The riverwalk design, just unveiled last month, includes a pedestrian bridge over Highway 99E and the railroad tracks to the McLoughlin Promenade. The McLoughlin-Canemah Trail Plan project aims to connect the riverwalk and McLoughlin Promenade to Old Canemah Park and Canemah Children’s Park with a shared use trail. The City won a grant from Metro’s Nature in Neighborhoods grant program last year, and is now working on the trail plan and design. The area’s topography, constrained space for a trail corridor, and conflicts with fast moving vehicle traffic will be challenging. Nonetheless, Phil Lewis, the City’s Community Services Director, is encouraged by the level of interest from neighbors in the area. “The corridor between the McLoughlin Promenade and Canemah Children’s Park is an important recreation and transportation connection for Oregon City. The Community Services Department is excited to work with neighbors and stakeholders to create a plan for a safer and more accessible connection between two of our most loved city parks.”
As part of the trail planning process, the City of Oregon City is hosting a Greenway for a Day in the historic McLoughlin and Canemah neighborhoods on Saturday, July 29. The event, held from 9 a.m. to 1 p.m., will feature a temporary marked trail between the Museum of the Oregon Territory and Canemah Children’s Park. The one-mile Greenway will be marked by cones, balloons, temporary stencils, and volunteers, and streets within the Canemah neighborhood will be closed to through-traffic.
The McLoughlin-Canemah Trail is also a small segment of the proposed Oregon City Loop Trail, which has been on the books for years. An advisory group of local community members is working with the City to determine the trail alignment and design this summer. One member of the advisory group is Jessica Smith, a Canemah resident. "I love this City where we run our Main Street family business and the small offshoot called Canemah where we've lived for the last decade. With the continued growth of Oregon City and the eclectic Canemah community evident, I joined the trail project to help our community embrace the inevitability of change." Jessica says.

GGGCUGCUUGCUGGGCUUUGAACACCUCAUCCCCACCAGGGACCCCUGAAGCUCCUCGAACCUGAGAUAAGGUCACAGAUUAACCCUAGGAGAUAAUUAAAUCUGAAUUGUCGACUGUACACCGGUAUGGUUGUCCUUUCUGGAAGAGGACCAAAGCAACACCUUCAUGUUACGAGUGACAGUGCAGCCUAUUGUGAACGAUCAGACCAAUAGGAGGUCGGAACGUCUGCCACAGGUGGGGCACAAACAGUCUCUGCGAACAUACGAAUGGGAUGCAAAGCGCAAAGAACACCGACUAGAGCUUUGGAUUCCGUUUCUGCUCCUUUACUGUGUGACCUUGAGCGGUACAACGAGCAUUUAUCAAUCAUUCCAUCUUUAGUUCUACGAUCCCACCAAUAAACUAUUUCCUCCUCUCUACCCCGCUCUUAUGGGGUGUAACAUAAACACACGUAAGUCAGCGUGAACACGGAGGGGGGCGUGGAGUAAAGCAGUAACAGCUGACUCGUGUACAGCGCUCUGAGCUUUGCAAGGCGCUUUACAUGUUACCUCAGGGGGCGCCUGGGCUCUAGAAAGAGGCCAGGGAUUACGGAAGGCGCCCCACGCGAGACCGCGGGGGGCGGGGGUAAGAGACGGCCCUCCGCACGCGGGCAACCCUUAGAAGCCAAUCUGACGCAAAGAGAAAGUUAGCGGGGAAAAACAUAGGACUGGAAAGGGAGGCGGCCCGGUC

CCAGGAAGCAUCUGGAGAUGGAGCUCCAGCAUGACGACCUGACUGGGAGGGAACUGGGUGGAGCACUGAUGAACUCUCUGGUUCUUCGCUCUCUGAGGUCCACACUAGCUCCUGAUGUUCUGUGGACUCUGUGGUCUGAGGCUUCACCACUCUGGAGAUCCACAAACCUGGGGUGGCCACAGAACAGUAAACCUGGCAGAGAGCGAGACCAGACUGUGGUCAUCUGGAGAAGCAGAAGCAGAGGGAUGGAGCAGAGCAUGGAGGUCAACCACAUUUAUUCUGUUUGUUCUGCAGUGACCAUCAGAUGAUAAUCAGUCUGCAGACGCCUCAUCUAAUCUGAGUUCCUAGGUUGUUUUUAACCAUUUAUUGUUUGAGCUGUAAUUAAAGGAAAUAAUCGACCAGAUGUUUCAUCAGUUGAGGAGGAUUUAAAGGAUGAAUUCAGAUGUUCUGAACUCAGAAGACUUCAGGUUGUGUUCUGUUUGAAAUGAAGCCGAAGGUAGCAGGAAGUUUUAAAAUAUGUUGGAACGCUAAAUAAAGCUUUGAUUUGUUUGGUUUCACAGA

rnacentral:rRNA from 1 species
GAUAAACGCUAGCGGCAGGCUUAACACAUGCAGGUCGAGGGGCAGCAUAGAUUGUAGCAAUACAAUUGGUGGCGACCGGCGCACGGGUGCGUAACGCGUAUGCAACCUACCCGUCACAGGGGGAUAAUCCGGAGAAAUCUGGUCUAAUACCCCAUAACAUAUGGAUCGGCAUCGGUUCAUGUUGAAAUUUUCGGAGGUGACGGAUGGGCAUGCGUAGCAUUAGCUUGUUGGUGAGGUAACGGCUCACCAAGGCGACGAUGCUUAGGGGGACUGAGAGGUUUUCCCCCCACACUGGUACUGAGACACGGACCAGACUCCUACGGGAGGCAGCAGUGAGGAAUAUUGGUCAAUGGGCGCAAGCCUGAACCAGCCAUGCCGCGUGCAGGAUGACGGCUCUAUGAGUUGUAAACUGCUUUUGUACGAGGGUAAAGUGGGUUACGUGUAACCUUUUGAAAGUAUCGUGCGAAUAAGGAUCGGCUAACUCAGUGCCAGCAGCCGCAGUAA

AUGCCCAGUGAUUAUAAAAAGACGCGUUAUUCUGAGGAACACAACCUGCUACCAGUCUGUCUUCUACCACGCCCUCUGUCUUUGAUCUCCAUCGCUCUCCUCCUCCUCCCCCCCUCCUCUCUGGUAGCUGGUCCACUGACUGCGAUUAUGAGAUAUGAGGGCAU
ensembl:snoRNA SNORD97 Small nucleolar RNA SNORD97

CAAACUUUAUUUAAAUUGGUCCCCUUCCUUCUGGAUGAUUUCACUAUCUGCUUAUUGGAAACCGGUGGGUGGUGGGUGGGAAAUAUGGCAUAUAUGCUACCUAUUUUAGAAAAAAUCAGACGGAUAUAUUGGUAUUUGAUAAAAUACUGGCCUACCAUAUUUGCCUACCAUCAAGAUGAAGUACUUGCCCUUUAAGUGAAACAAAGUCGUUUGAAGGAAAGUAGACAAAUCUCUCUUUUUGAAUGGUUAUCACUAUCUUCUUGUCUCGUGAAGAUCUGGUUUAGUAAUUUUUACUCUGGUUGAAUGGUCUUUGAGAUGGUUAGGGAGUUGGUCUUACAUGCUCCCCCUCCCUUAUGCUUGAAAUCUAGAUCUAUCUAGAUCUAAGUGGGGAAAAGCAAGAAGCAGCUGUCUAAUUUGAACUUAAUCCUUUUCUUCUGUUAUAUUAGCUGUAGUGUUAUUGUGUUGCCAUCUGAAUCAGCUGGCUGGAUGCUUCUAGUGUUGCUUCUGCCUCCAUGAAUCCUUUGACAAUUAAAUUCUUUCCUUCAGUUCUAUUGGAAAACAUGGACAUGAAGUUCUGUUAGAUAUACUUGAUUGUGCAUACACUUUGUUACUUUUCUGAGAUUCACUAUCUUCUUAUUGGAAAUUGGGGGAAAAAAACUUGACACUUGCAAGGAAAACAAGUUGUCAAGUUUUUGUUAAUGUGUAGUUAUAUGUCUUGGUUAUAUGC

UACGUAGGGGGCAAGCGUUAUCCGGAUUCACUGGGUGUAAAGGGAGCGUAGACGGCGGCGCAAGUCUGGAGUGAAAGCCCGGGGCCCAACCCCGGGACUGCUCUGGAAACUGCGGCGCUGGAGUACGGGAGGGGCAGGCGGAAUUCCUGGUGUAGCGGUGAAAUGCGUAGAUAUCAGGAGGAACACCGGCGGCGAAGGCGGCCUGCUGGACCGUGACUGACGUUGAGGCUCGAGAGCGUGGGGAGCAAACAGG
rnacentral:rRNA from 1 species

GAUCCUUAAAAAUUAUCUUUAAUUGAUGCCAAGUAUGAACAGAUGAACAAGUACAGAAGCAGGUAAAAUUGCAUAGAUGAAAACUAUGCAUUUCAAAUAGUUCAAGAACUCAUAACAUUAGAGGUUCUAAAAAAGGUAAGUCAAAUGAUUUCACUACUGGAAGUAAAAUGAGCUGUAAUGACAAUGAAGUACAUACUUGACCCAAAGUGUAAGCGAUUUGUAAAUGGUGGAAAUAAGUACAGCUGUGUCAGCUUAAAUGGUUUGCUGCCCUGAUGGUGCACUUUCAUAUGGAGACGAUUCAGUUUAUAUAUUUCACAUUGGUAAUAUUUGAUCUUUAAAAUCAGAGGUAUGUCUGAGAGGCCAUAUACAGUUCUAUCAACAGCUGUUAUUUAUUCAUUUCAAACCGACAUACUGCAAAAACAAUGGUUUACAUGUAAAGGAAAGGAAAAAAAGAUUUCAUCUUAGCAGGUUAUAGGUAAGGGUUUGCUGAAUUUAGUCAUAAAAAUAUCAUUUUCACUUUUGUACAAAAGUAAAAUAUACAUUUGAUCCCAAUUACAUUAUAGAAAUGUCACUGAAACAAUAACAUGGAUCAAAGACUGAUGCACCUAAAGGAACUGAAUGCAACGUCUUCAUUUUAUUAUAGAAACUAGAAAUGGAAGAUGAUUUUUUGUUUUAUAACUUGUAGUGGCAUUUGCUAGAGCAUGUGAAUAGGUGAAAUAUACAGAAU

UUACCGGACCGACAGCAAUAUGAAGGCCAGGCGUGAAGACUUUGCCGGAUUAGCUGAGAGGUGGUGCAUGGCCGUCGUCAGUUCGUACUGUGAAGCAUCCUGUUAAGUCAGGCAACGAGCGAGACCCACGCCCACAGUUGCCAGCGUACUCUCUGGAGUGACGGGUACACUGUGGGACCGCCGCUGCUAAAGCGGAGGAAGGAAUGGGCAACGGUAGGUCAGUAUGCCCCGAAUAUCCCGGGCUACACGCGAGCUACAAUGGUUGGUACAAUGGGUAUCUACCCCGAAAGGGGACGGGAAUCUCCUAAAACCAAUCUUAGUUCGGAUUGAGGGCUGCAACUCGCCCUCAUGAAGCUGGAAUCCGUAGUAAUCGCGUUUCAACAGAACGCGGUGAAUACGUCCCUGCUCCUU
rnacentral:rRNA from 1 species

At the Greenway event, trail planners will be gathering input from community members at stations along the Greenway and will give away prizes for people who complete the trail. At the same time, the Oregon City Parks Foundation is partnering with the City to clean up ivy at Old Canemah Park. From 9 a.m. to 11 a.m., volunteers will pull out ivy that has overtaken many of the trees in the park. Jerry Herrman, a local advocate and Parks Foundation member, says of the ivy, “Ivy is a plant of great concern now. It had uses many years ago stabilizing river banks, but it has gotten way out of bounds in our temperate climate. It is time to get it back in bounds.”
Partnerships abound for this project. The Museum of the Oregon Territory will be hosting one of the Greenway stations in their parking lot and will offer 2 for 1 museum admission during the event. Portland General Electric, which operates a substation along the Greenway route, is working with the City to provide safe access through the property and is participating on the advisory group for the McLoughlin-Canemah Trail plan. SOLVEOregon is helping to coordinate the ivy pull.
For more information about the McLoughlin-Canemah Trail project and the Greenway for a Day event, see https://www.orcity.org/planning/mcloughlin-canemah-trail-plan
To sign up for the ivy pull at Old Canemah Park, see http://solveoregon.org/get-involved/events/old-canemah-park-ivy-pull